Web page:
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Yours Truly by Sublime with Rome

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Reviewed on 2nd December 2011.


Yours Truly

By Sublime with Rome

I've been a Sublime fan since I discovered my love for alternative reggae/ska back in 2005, and since then, they've grown into my favourite band of all time. Since singer Bradley Nowell died in 1996, I haven't exactly been expecting a new release any time soon, so naturally I was over the moon to discover last year that the band's remaining members Eric Wilson and Bud Gaugh were to reform with the young, fresh and extraordinarily passionate Rome Ramirez. They got to work quickly, and July 2011 saw their first release, Yours Truly, emerging ever so subtly but powerfully into the California scene. A handful of Existing Sublime fans were torn by the group's initial decision to reform, with some sceptical that a new singer would bring about a change too dramatic for them, and a friendly legal debate with the Nowell family resulting in the addition of the "And Rome" suffix. However, the majority of fans welcomed the new with a true reggae aesthetic of open-mindedness and the acceptance that change can be for the better.

And while it's certainly true that the new album is noticeably different from the original content, it's still nothing to dismiss. The band as a whole has evolved, whether due to the addition of Rome or a simple adaptation to modern audiences. Rather than emphasising a seamless blend of reggae, ska and punk, SWR choose to deliver a more pop influenced vibe, which at first feels somewhat unusual, but quickly and excitingly becomes simply a new phase in the world of Sublime. And for those unfamiliar with previous workings, it's a gentle introduction not only to the band, but also to their style as a whole; there are countless other bands heavily influenced by their unique style.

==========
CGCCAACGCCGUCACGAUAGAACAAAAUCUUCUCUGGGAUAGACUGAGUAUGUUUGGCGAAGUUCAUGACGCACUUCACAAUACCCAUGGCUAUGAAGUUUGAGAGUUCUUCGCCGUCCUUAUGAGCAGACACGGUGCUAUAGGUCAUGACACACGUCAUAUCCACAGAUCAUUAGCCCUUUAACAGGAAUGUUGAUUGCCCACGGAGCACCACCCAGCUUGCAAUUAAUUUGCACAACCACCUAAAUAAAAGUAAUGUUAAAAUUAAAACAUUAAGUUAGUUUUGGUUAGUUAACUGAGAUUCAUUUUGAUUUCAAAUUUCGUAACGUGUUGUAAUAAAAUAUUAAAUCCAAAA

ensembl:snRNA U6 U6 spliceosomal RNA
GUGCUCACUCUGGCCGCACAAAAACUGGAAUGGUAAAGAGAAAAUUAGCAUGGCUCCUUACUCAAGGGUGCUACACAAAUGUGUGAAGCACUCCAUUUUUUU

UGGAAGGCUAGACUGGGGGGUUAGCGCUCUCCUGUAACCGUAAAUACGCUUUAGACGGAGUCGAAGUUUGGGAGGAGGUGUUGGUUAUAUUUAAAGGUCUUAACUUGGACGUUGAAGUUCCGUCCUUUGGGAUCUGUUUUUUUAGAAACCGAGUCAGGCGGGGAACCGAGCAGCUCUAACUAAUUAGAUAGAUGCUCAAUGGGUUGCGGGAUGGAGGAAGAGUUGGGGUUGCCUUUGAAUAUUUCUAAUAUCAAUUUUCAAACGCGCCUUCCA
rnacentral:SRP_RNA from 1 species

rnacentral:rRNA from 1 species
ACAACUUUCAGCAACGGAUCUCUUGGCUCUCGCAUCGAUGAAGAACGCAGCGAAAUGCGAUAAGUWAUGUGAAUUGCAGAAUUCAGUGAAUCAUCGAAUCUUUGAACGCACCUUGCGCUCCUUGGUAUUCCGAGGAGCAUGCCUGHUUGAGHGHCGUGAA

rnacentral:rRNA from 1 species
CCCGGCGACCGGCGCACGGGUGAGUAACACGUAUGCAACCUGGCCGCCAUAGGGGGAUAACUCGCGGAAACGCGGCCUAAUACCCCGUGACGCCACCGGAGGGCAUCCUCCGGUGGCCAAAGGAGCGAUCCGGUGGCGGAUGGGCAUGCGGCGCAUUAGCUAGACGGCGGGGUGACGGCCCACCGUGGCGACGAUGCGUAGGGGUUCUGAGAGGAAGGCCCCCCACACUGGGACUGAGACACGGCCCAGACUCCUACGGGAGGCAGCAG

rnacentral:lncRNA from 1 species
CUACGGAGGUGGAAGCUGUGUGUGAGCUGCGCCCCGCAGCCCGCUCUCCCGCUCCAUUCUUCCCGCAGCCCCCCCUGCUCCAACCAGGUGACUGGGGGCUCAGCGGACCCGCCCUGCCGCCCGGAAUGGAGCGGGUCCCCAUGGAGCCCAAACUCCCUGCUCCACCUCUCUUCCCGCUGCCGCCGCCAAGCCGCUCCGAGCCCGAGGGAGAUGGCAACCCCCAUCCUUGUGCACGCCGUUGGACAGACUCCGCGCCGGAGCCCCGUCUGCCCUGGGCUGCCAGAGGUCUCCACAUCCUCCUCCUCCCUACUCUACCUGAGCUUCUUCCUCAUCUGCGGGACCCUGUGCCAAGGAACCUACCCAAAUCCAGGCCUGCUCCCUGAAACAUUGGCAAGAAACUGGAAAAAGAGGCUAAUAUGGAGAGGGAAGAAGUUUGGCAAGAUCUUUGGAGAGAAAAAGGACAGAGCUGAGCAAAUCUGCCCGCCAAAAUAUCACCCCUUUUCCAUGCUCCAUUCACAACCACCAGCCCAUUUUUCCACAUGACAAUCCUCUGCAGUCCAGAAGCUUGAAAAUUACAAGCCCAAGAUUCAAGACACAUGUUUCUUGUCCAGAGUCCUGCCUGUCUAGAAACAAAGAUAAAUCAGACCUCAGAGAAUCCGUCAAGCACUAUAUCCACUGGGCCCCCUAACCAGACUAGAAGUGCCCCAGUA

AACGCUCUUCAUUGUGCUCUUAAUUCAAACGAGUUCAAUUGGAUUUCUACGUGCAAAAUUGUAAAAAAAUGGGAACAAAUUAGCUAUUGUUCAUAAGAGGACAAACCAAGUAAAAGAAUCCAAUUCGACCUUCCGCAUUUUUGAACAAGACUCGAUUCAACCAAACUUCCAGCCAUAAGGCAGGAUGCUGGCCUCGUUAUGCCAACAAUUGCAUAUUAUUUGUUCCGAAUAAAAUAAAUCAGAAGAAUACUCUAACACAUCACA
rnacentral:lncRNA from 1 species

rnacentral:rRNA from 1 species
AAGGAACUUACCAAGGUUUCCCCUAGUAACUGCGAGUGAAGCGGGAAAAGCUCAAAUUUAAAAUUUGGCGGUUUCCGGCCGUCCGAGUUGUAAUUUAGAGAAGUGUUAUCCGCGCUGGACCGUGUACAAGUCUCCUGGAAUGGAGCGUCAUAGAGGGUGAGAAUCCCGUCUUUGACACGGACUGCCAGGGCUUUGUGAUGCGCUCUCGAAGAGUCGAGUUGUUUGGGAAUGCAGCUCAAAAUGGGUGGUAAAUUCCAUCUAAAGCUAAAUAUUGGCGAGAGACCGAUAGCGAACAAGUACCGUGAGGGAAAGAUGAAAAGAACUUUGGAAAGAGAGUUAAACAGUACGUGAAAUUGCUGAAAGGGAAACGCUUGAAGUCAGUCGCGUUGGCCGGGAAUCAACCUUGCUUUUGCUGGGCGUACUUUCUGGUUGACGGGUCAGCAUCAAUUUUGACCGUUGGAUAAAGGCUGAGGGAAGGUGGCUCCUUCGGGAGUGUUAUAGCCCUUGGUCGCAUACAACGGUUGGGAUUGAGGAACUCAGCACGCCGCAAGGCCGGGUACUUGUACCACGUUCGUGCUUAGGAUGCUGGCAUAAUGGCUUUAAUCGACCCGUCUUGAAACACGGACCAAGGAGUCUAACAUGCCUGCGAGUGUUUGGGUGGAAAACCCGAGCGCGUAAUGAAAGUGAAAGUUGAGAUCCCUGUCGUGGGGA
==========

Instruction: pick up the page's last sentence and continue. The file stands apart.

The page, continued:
The album opens with "Panic", one of the first new tracks to be heard before the album was finished, and definitely the best way to kick off. The song's easily the biggest hit of the album, from the initial guitar intro to the catchy-as-hell solo towards the end. And catchy is the key word with this release; each and every song is totally memorable, even if it's just in its chorus. I often find myself subconsciously humming SWR from time to time, and I won't even notice how often I change the tracks in my head. From here, the album winds down, but never too drastically; the snare-heavy kicks of Gaugh's drum and the slap-happy bass musings of Wilson hold strong throughout. Personal favourites of mine include the slower "Murdera" which really showcases Rome's vocal talents, "Paper Cuts", a real throwback to the band's punk roots, and "Take It Or Leave It", probably the best example of the band working together as a whole. There's even a bonus track included, "Can You Feel It", featuring increasingly popular rapped Wiz Khalifa.

On the whole, the album's certainly a move in a different direction. But it's far from bad; in fact, it's an excellent release, and deliciously satisfying, especially for fans such as me that have waited so long. It's one of those records that makes great listening whether you're actively enjoying the music, or simply need something to stick on in the background and whistle along to. Easily a whole-hearted recommendation, even with fan boy bias aside.



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